What Glass Should You Drink Your Beer From?

July 27, 2015

What Glass Should You Drink Your Beer From?

After visiting the Friends of Glass stand at Taste of London a few weeks ago, I've finally gotten round to writing up some more information I learnt during their food and wine pairing masterclass.

Though some beer novices believe the vast majority of glassware is just for marketing, this couldn't be further from the truth.

Scientific studies show that the shape of glassware will impact head development and retention. The foam created by pouring a beer acts as a net for many of the volatiles in a beer (volatiles are the compounds that evaporate from beer to create its aroma and all kinds of yeast fermentation byproducts like alcohol, fusels and fruity esters, spices or other additions). Therefore a glass that creates a healthy foam head may enhance the trapping of certain volatiles, meaning the beer is able to hold onto its fruity notes, aroma or alcohol content.

I've listed a quick guide below to help you choose which glass is best for you beer:

What Glass Should You Drink Your Beer From?


Chalice
These are wide rimmed bowls on a long stem. The design allows a big foamy head and complex aromas to develop, and encourages sipping which means that the beer hits the front of the tongue where sweet and fruit flavours register.

Dimpled Barrel
A thick dimpled glass mug with a handle. The mouth is larger than the base and this releases the aroma. English Pint This style has a wider mouth than base and this releases the aroma in the beer and the beer is sloshed onto the tongue so makes contact with all taste buds.

Flute
A tall, narrow, delicate elegant glass on a long stem. The tapered rim pours the liquid towards the back of the tongue enhancing effervescence, and acidity.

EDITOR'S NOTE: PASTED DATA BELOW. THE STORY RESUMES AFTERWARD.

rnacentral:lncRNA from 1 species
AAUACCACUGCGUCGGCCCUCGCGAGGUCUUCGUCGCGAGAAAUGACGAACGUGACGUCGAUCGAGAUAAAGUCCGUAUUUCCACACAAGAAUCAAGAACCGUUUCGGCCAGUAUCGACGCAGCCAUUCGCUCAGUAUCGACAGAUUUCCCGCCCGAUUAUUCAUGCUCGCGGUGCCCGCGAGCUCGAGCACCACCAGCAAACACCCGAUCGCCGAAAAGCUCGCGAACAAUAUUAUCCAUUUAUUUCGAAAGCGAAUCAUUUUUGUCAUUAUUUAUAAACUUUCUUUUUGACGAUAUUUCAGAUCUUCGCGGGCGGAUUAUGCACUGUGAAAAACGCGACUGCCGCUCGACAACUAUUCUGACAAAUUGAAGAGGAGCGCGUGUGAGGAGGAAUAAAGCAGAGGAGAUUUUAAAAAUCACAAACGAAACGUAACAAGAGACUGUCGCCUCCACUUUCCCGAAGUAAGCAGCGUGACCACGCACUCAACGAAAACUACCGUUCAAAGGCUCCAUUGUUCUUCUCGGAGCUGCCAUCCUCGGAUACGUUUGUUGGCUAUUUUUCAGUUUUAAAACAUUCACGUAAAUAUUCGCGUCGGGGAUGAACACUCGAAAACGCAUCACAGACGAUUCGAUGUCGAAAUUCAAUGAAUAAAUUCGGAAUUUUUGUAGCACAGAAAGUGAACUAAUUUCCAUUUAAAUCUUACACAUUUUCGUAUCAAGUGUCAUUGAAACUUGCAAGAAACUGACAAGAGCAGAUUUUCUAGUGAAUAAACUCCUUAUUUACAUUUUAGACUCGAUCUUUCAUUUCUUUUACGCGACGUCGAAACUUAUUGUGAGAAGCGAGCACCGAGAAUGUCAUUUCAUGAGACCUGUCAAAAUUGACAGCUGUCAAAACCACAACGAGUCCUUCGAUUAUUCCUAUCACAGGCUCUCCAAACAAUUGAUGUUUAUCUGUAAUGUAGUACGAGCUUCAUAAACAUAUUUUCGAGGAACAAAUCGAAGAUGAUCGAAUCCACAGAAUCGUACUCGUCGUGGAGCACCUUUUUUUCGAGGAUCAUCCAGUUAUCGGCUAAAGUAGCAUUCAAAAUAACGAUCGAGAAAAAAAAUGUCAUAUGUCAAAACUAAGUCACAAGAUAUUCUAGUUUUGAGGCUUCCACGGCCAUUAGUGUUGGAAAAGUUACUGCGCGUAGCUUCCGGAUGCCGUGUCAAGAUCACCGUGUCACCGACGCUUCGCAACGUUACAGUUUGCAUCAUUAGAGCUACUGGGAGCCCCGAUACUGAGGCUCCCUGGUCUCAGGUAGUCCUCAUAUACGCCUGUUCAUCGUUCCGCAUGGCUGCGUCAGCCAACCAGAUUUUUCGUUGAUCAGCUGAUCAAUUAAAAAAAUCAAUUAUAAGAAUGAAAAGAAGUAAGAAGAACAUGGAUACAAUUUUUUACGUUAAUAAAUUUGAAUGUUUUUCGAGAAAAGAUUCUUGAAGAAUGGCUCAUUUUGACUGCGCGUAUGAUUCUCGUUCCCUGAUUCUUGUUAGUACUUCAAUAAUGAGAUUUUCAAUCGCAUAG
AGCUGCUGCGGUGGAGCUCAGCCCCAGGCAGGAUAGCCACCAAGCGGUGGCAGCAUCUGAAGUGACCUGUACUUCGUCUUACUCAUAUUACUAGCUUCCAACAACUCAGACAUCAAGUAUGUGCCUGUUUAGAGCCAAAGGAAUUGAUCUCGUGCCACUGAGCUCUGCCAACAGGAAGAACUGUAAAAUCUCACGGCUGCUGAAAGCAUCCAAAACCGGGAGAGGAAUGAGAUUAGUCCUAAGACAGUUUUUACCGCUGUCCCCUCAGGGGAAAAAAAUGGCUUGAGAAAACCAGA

Footed Pilsener
Tall and tapered like an inverted isosceles triangle narrower at the bottom than the top. It shows off the colour and carbonation of the beer and as the vessel’s mouth is not too wide it maintains a beer head.
Snifter
This style is sometimes called a balloon due to its shape - bulbous and narrowing to the top. They sit
on a stem and a foot and make the drinking of beer into an elegant ritual. The shape makes it easy to swirl the beer to release the aromas.

Tulip
This has a bulbous bottom on a stem and foot. The flared mouth retains a foamy head, and the beer is easy to swirl so the aromas are released.

Tumbler

These squat glasses are functional rather than graceful with gently sloping straight sides and a wide mouth that promotes a sip rather than a glug. Sipping the beer means that it hits the front of the tongue first so any sweetness in the beer will register.

Weizen
A German style that is tall, slender and flared at the top ideal for accentuating the cloudy appearance of a wheat beer and for a voluptuous head formation.

Wine Glass

An ideal wine glass for beer is one with a tapered mouth that releases aromas.